Entering the New Year, wearing the glittering, particoloured hat of an interfaith mom, I have three main goals for 2012:
1) Gracefully release my first child into the world. My daughter’s about to turn 18; she will leave for college this year. I have spent much of the past few months interviewing college students and young adults who graduated from interfaith education programs like ours, as part of the research for my book. I am examining the role religion plays in their lives once they are outside the protective bubble of an independent interfaith community. As she leaves our family, and, effectively, leaves the Interfaith Families Project in which she has been raised, I give my daughter this advice: continue to study and explore religion, deepening your knowledge, seeking the forms of spirituality that work best for you. Take advantage of the opportunities provided on campus to connect with both sides of your religious heritage. But also, feel empowered to create an independent space on campus for interfaith children to come together and support each other: to replicate in miniature the interfaith community that nurtured you. And also, feel empowered to explain the particular skills and experience you bring, as someone raised in an interfaith community, to interfaith dialogue and interfaith activism efforts such as the campus-based Interfaith Youth Core.
2) Figure out what an interfaith community will mean to me in my “post-mom” phase. I still have a son just starting high school, but he has finished his formal Sunday School training in our interfaith community. So far, I find that even without children in the program, I continue to be drawn to our community on Sunday mornings–to the songs and reflections, to the chance to celebrate joys and mourn losses together, to the deep friendships I have made in our thriving community, to the lively adult discussion group, and to the tempting yoga class our community provides.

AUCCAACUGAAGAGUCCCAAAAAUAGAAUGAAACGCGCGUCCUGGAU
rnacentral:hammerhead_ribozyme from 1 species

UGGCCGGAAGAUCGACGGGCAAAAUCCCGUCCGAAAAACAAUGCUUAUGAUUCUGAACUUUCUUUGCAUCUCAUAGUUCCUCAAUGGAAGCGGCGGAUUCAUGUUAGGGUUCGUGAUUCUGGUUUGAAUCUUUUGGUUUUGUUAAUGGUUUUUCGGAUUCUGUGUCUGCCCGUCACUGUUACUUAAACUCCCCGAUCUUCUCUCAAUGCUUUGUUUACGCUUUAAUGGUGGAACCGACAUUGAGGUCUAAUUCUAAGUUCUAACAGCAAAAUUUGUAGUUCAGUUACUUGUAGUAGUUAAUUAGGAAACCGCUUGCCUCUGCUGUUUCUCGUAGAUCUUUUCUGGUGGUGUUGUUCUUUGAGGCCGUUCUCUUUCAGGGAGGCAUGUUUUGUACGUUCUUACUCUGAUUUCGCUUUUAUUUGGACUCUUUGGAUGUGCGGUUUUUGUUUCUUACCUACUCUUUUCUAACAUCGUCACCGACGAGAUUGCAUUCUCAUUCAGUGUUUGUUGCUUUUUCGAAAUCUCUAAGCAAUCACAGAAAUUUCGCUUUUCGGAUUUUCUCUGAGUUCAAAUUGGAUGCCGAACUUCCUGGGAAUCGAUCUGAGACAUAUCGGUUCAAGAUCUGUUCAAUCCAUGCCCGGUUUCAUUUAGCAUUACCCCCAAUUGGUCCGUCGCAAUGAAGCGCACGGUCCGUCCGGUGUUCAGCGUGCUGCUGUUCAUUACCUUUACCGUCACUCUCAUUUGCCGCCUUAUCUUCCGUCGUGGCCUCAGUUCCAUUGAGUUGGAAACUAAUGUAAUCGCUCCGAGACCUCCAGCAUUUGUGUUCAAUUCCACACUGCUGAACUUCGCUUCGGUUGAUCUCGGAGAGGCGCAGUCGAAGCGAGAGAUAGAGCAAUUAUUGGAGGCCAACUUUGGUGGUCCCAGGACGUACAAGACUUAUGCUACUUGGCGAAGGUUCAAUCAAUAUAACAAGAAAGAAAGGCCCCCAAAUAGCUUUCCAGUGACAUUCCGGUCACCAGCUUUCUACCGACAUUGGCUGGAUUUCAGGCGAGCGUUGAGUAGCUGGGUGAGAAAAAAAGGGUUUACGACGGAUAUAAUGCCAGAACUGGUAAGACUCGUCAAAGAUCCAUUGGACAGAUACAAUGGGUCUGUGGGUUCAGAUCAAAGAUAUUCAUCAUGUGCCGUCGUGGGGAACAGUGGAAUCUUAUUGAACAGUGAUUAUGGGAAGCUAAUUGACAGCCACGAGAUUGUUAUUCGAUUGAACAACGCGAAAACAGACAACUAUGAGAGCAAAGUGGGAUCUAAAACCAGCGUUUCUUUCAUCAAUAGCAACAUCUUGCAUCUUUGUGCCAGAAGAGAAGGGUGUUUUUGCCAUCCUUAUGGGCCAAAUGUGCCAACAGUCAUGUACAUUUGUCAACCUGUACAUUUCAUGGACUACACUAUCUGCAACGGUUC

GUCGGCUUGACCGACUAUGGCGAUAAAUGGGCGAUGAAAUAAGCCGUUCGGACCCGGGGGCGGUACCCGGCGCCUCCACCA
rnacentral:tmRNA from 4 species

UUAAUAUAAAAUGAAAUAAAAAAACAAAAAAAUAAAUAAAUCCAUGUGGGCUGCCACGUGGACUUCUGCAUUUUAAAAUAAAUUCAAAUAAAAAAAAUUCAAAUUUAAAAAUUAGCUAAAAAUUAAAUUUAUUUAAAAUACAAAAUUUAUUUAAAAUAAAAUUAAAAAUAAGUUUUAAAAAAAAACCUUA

3) Finish the book! This fall, I recorded dozens of final interviews with interfaith parents, interfaith children, and clergy working with interfaith families. Over the next six months, I will wrestle this new material, and my hundreds of survey responses from interfaith parents and children, into a book with the working title, The Joy of Being Both: Embracing Two Religions in One Family. I cannot wait to bring you these new voices and stories from the emerging movement of interfaith families raising children with two religions. Next year, inshallah, the book will reach your bookstore and your e-reader, thanks to Beacon Press.
Want to help? I am still seeking to interview more families raising children in two religions other than the Jewish/Christian combination (i.e. Muslim/Protestant, Buddhist/Jewish, Pagan/UU, Hindu/humanist, etc.). Please contact me at email@example.com.